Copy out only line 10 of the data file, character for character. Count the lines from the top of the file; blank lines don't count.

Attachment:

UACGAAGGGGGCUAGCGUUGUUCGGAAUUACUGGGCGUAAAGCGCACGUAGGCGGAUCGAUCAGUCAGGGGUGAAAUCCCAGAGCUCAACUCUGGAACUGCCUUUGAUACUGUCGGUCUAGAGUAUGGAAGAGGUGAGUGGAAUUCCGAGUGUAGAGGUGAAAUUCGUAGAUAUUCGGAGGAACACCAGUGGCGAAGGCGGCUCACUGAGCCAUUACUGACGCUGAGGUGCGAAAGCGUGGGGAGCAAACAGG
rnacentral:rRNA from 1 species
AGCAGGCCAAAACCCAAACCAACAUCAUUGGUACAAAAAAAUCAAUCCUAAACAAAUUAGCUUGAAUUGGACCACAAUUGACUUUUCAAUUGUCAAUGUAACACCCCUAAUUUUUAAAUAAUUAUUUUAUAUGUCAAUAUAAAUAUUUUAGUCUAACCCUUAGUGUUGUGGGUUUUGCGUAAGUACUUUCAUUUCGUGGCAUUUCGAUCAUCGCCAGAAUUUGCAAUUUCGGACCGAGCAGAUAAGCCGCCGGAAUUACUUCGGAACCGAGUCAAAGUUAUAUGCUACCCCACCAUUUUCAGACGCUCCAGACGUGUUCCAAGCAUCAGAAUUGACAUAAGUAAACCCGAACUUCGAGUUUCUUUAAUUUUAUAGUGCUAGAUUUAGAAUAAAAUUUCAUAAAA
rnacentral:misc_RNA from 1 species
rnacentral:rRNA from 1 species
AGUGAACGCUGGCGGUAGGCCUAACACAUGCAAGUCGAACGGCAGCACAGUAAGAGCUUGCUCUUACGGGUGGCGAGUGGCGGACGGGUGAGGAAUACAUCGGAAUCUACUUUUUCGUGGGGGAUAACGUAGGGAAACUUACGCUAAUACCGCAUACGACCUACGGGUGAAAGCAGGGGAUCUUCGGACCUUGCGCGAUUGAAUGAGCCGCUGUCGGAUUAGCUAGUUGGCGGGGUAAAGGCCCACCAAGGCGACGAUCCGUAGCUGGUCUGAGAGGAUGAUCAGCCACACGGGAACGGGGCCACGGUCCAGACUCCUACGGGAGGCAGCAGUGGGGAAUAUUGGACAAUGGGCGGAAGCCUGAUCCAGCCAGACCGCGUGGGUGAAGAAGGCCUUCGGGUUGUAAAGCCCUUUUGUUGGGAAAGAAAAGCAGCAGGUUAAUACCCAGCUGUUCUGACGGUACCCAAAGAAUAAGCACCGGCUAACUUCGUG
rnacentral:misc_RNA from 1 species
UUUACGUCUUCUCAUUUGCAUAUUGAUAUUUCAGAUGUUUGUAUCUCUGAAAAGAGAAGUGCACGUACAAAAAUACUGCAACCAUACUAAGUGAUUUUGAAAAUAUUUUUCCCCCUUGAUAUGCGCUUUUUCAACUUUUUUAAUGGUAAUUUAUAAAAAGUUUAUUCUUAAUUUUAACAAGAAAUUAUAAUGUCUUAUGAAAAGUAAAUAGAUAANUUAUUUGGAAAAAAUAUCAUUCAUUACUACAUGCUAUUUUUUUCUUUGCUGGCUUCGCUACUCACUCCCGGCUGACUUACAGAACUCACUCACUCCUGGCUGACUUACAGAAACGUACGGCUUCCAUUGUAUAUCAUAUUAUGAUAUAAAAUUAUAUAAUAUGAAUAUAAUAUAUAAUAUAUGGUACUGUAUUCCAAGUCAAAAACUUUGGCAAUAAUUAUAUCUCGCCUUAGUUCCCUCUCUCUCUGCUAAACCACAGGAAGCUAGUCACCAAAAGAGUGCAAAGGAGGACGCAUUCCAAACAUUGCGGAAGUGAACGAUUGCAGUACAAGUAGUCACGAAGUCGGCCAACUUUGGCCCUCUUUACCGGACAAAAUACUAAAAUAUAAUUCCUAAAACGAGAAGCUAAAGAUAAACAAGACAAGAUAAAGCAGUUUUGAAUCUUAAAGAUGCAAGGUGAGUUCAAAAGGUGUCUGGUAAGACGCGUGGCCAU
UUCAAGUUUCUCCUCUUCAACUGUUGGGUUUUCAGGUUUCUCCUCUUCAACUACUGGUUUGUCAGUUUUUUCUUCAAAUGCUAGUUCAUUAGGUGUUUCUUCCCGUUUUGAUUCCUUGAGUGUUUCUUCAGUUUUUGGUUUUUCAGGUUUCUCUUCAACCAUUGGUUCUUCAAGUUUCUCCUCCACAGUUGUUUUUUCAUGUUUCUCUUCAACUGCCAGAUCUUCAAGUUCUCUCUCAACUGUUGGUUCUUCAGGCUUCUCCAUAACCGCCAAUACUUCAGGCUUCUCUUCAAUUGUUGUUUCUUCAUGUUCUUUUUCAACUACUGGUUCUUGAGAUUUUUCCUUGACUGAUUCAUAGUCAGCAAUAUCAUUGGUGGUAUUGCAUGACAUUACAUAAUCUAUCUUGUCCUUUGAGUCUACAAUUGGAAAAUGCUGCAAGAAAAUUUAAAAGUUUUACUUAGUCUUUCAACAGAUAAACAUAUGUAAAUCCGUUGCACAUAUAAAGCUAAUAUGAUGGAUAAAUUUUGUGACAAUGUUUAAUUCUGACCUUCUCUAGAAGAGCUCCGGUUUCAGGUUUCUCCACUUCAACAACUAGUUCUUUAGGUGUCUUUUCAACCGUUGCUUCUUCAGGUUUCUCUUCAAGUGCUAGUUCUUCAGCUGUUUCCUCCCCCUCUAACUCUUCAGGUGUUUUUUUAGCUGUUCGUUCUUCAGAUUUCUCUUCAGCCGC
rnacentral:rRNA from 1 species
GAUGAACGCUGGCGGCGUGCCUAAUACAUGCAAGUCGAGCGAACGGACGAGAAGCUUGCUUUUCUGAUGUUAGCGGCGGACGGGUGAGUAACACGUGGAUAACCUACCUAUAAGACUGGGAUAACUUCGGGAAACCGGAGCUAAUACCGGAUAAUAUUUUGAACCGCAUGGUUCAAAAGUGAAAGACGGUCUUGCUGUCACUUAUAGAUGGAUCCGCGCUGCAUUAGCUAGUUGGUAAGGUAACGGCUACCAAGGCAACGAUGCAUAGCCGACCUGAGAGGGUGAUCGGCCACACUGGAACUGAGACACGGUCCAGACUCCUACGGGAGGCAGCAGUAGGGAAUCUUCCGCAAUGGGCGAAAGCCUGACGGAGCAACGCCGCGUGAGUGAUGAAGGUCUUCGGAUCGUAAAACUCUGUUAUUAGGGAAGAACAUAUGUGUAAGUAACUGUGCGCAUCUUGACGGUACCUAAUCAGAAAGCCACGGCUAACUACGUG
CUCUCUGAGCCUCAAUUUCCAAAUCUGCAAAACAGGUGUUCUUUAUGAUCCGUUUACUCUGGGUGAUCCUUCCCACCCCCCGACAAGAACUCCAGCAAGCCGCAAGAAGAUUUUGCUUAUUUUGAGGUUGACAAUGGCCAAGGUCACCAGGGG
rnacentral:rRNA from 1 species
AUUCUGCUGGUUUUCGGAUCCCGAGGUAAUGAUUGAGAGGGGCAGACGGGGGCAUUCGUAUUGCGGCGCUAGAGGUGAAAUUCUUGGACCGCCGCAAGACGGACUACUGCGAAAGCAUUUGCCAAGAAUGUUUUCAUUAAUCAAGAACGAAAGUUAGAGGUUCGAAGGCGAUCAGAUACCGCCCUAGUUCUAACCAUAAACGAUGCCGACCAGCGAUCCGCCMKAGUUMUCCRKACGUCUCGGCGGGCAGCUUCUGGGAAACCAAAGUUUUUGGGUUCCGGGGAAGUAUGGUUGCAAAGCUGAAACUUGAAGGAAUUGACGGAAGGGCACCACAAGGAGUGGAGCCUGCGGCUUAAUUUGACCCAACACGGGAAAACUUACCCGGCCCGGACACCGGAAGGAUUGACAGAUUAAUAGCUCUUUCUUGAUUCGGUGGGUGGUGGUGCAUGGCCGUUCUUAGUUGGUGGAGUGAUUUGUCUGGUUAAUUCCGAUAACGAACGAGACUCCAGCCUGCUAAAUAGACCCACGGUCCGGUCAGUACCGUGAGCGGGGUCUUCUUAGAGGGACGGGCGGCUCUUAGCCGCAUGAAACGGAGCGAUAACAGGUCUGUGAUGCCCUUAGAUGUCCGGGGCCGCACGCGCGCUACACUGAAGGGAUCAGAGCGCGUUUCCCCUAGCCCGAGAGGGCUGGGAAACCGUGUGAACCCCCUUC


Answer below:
rnacentral:rRNA from 1 species